August 1, 2016
I recently re-read portions of Limits to Growth: The 30 Year Update by Donella Meadows, Jorgen Randers and Dennis Meadows. This second update to the original 1972 report from the Club of Rome affirms that current business-as-usual resource usage globally has our socioeconomic systems headed toward collapse shortly after the year 2050. The update reiterates the necessity of taking the impending crisis seriously and mobilizing quickly to adopt strategies such as:
While all of this serves as a strong wake-up (or stay awake) call, what most caught my attention was the concluding chapter, where the authors move from discussion of the technical fixes required to get us on the right track to a serious appeal to more adaptive approaches. Read More
May 31, 2016
Last week I attended another meeting of the Research Alliance for Regenerative Economics (RARE) and we deepened our conversation about a “regenerative framework” for guiding system change. Underlying our conversations is the premise that many living systems – ecological, economic, social – are reaching or have already reached a point of crisis where they can no longer respond to changing conditions in such a way that humanity, or significant portions thereof, can thrive. Another way of saying this is that these systems are losing their capability for resilience (to “bounce back” from perturbations) and regeneration (to self-organize and evolve). Our discussions are focused specifically on the dynamics of networks, human and otherwise, and what these can tell us about why we are where we are socially and ecologically and what can be done to alter current conditions and humanity’s long-term prospects.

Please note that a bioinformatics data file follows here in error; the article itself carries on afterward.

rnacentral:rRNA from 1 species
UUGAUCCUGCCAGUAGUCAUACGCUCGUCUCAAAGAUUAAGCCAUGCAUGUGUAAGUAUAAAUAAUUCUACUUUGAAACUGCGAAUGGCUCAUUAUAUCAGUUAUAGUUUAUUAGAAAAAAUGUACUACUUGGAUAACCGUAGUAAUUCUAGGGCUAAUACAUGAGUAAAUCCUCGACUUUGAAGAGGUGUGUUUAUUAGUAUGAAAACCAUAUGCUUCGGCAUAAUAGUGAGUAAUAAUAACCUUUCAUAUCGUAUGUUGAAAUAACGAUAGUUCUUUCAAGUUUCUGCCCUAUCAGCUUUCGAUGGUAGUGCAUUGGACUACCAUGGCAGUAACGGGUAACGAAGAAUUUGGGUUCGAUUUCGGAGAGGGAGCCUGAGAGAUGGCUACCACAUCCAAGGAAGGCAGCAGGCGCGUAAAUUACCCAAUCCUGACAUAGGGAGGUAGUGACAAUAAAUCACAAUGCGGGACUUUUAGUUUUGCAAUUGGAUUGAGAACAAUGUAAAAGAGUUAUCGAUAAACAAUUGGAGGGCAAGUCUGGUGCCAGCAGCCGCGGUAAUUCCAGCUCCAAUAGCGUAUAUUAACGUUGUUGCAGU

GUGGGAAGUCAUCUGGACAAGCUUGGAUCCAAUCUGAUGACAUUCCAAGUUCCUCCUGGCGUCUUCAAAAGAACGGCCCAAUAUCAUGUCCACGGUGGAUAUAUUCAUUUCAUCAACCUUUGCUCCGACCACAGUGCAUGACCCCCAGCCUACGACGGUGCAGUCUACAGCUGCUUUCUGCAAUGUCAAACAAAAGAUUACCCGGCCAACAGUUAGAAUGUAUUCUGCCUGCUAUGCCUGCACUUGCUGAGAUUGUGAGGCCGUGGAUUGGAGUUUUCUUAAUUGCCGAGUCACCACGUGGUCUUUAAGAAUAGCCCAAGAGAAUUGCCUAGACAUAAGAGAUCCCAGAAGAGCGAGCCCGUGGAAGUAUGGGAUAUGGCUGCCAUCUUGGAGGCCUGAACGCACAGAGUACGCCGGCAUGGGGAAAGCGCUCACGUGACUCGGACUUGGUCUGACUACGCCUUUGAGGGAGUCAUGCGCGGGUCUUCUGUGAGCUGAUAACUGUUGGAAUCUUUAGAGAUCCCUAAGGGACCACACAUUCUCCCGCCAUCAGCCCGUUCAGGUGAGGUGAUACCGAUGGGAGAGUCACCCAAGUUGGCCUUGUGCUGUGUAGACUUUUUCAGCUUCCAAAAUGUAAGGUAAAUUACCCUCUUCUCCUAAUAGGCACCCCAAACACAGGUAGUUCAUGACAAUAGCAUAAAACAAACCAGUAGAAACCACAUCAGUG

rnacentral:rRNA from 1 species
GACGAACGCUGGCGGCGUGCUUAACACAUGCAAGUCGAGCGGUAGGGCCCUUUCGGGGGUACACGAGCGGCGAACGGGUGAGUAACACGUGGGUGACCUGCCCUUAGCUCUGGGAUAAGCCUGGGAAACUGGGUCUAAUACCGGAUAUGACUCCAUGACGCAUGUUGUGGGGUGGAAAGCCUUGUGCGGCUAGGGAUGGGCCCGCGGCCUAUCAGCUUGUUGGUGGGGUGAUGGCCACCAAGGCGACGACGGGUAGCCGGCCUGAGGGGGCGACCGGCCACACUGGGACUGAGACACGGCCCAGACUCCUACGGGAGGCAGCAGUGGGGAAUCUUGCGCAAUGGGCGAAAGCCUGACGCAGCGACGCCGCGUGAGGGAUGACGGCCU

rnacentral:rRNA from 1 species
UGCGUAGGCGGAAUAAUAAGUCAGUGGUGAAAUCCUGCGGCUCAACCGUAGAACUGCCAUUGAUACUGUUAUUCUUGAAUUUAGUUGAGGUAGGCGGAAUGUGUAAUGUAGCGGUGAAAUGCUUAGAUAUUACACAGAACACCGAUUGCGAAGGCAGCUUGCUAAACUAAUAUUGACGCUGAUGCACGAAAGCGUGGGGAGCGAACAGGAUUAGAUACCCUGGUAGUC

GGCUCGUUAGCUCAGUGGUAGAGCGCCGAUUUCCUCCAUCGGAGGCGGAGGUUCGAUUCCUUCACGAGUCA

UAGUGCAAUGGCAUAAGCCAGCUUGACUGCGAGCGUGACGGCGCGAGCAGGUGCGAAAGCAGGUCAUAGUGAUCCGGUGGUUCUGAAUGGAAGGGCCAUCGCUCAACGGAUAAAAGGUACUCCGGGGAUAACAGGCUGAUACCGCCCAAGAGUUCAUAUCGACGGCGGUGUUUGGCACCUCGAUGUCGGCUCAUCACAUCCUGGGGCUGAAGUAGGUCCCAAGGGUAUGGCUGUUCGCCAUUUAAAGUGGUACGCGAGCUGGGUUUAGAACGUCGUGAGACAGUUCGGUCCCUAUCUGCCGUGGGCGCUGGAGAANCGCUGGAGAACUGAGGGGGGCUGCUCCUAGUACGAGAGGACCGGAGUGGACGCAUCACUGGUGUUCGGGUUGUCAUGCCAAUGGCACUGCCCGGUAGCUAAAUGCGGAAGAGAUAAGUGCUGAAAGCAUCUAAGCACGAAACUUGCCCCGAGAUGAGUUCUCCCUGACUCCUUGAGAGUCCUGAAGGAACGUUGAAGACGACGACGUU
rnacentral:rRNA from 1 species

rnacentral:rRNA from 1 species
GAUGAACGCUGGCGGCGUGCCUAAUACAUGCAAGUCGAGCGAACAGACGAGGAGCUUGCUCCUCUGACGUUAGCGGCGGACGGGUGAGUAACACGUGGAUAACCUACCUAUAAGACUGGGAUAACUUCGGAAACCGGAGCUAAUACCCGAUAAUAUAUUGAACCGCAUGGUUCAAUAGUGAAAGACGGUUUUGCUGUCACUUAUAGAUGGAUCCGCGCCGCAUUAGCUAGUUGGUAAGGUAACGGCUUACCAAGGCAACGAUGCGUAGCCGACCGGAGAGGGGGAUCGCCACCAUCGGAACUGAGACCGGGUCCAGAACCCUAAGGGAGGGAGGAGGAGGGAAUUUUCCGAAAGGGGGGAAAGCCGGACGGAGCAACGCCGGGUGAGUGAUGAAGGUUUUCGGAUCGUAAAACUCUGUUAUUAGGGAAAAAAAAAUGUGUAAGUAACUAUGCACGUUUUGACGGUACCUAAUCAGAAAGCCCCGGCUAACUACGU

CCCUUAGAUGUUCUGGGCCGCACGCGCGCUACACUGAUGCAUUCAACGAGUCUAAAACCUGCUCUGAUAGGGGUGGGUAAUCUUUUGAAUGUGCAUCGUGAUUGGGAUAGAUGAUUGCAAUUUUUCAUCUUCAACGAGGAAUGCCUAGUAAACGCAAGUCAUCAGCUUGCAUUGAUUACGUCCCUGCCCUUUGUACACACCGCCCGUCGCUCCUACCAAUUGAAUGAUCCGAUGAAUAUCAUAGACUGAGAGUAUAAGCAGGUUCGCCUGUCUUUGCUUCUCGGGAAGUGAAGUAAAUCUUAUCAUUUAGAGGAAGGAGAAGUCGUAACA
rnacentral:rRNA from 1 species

Breeding disconnection, diminishing diversity and stemming resources flows is “irresponsible.”